Zoom Conference Meetings: 2 pm (CST) Sundays January 27, February 3 and February 10, 2019
In this distance learning class you’ll master the 5 basic steps of Organizing a Meditation Practice that relieves stress and reduces anxiety.
You’ll learn the physiological benefits of meditation, bust some common myths of meditation and master 12+ stress-busting practices you can incorporate into your daily routine. Together in our Zoom Conference Meetings, we’ll learn and practice techniques to trigger our body’s natural Relaxation Response and have time for discussion in an intimate learning environment.
In between our 3 Zoom Conference Meetings, you’ll complete homework assignments and enjoy the opportunity to check in with your fellow classmates. You’ll also receive weekly Inspiration in your inbox from Lisa, encouraging a successful plan for at-home daily meditation practice.
The course includes a detailed e-manual for future reference. You don’t even have to leave the house!

Investment: $65

Hurry! Registration Closes January 22, 2019.

USE PROMO CODE: LABLOG for $5 off your registration!

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More details and Registration can be found at Westport Yoga KC’s website.

winter isn’t all that bad…

“The soul usually knows what to do to heal itself. The challenge is to silence the mind.”

– Caroline Myss

December is a time marked by waiting and introspection. In the northern hemisphere, we are snuggling in with anticipation of the dark days and nights of winter. Those of us who celebrate Christmas or Hanukkah are waiting, marking this interim time of expectancy and contemplation day by day.

While I truly love the giddiness, lights, sounds and sharing of the holiday season, I also truly dread the dark months of winter. I like to be outside all day; I like overbearing sunshine and bare arms and tan lines. I like sunglasses and sweating and frizzy hair and the expansive energy of summer. Winter is none of these things.

However, I’ve made it a point over the past few years to pinpoint and appreciate the silence and potential of the winter season. There is power in the silence of the season; there is promise in long evenings of introspection and heavy blankets and book reading. I’ve noticed that with this attitude, by New Year, I’ve gained a new appreciation of rest– both physically and spiritually– as if all I needed to do was to become quiet enough to listen to what my soul really needs.

Here are four ideas to help you appreciate the interim time of waiting and deep winter this year:

Drink herbal, warming drinks: In Ayurveda, the medicinal science of yoga, winter is an important time to eat root vegetables, drink non-caffeinated spicy drinks, and rest in the evenings. Try my favorite hot, herbal tea:

Cinnamon-Orange Peel Tea:

  • Place 1 cinnamon stick in your mug
  • Peel a medium-sized orange and add 1/2 its peel in your mug
  • Add 1 teaspoon Apple Cider Vinegar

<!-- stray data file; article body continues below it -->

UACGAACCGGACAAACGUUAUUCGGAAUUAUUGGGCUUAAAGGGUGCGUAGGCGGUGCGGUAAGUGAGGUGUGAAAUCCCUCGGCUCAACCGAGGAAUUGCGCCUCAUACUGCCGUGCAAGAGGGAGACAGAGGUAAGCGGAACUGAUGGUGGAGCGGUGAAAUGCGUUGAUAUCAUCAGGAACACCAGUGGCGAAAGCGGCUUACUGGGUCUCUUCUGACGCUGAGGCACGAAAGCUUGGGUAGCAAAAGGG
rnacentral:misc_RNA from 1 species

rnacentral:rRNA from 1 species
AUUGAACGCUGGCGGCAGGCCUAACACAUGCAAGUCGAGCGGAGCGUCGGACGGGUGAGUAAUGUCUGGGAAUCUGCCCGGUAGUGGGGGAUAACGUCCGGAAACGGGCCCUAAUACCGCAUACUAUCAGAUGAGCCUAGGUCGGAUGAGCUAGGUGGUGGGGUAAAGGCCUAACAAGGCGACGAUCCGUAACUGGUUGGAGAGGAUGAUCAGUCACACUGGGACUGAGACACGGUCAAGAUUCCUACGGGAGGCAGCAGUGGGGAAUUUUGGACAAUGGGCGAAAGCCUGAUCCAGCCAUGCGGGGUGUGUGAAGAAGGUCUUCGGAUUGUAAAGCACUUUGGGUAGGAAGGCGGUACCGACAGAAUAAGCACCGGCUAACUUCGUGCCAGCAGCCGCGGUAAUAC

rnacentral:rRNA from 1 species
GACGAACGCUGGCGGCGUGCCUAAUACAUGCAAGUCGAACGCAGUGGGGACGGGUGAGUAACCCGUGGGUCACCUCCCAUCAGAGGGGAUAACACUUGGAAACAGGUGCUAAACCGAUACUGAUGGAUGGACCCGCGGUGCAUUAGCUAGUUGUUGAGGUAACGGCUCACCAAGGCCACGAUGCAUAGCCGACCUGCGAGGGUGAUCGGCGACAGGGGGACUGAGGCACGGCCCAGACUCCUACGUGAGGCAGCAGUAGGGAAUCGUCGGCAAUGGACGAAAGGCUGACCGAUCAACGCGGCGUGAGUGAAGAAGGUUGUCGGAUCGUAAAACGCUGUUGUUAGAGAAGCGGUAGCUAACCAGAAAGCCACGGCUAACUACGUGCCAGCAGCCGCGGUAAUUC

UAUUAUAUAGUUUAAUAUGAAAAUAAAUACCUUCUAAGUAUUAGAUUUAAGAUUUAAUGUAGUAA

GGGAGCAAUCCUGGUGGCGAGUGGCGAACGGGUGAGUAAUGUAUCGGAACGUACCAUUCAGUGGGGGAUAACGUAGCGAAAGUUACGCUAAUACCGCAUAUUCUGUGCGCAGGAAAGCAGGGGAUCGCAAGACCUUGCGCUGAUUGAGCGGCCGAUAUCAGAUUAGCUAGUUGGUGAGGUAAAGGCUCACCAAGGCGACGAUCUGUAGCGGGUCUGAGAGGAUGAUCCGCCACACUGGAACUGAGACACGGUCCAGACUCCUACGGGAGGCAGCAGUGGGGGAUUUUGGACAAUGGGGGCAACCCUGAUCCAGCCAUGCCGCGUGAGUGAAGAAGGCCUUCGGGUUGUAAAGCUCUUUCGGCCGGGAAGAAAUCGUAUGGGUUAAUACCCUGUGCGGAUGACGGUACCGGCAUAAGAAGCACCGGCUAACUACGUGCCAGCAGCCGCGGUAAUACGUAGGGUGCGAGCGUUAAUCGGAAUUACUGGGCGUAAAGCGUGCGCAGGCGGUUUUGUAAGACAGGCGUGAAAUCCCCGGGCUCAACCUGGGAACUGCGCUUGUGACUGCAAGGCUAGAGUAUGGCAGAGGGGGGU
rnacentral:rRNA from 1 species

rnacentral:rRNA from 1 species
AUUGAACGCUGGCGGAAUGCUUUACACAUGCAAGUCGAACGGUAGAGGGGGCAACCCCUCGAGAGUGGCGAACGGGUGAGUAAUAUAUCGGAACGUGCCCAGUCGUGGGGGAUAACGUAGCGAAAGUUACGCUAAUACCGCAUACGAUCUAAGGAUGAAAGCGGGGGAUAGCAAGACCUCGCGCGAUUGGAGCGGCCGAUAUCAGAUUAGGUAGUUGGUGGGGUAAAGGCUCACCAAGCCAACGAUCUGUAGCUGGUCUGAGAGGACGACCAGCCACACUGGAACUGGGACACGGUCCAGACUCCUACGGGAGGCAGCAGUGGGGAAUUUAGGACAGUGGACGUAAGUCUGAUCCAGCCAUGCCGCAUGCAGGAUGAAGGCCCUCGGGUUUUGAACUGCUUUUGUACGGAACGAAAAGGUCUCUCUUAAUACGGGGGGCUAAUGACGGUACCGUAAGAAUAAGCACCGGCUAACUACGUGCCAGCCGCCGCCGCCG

• Add 1/2 teaspoon ground nutmeg (optional)
  • Pour 10 oz. steaming water over your concoction and let it steam for 8-10 minutes and enjoy

Get Moving every day: Nothing screams depression like being sedentary. Try a physical activity that inspires introspection like running, walking or yoga. If you are stuck inside due to icy sidewalks, hit up my teacher Tiffany Cruikshank on YogaGlo.com. This is a high-quality online yoga site that offers classes with master teachers ranging from fifteen minutes to one hour.

Start a daily Reflection Practice: Winter is the perfect time to begin a daily reflection practice. Challenge yourself to turn off the TV a few minutes early before bedtime and spend ten minutes in reflection. Grab a journal and finish these sentences…

  • Today, I was inspired by…
  • Today I experienced love…
  • Today showed me that my Soul needs…
  • Today I am grateful for…

Re-commit to a daily Meditation Practice:  Dark mornings and evenings mean you’ll be inside anyway; sit down in a quiet place for ten minutes, light a candle and tune in to your intuition.

New to Meditation? Not sure how to start? Join me for my first ever on-line class, Distance Learning Class: Meditation for Stress Relief. This is the perfect introduction class for Beginners. Register through Westport Yoga KC today!

Meditation for Stress Relief DISTANCE LEARNING

Distance Learning: Meditation for Stress Relief

3-Week ONLINE COURSE January 27- February 10, 2019

Zoom Conference Meetings: 2 pm Sundays January 27, February 3 and February 10, 2019

In this distance learning class, you’ll master the 5 basic steps of Organizing a Meditation Practice that relieves stress and reduces anxiety.

You’ll learn the physiological benefits of meditation, bust some common myths of meditation and master 12+ stress-busting practices you can incorporate into your daily routine. Together in our Zoom Conference Meetings, we’ll learn and practice techniques to trigger our body’s natural Relaxation Response and have time for discussion in an intimate learning environment.

In between our 3 Zoom Conference Meetings, you’ll complete homework assignments and enjoy the opportunity to check in with your fellow classmates. You’ll also receive weekly Inspiration in your inbox from Lisa, encouraging a successful plan for at-home daily meditation practice.

The course includes a detailed e-manual for future reference. You don’t even have to leave the house! (Zoom is an online conferencing program available for free download.)

Spots are limited; registration closes January 22, 2019.

Register HERE.

Happy Wintering,

-lisa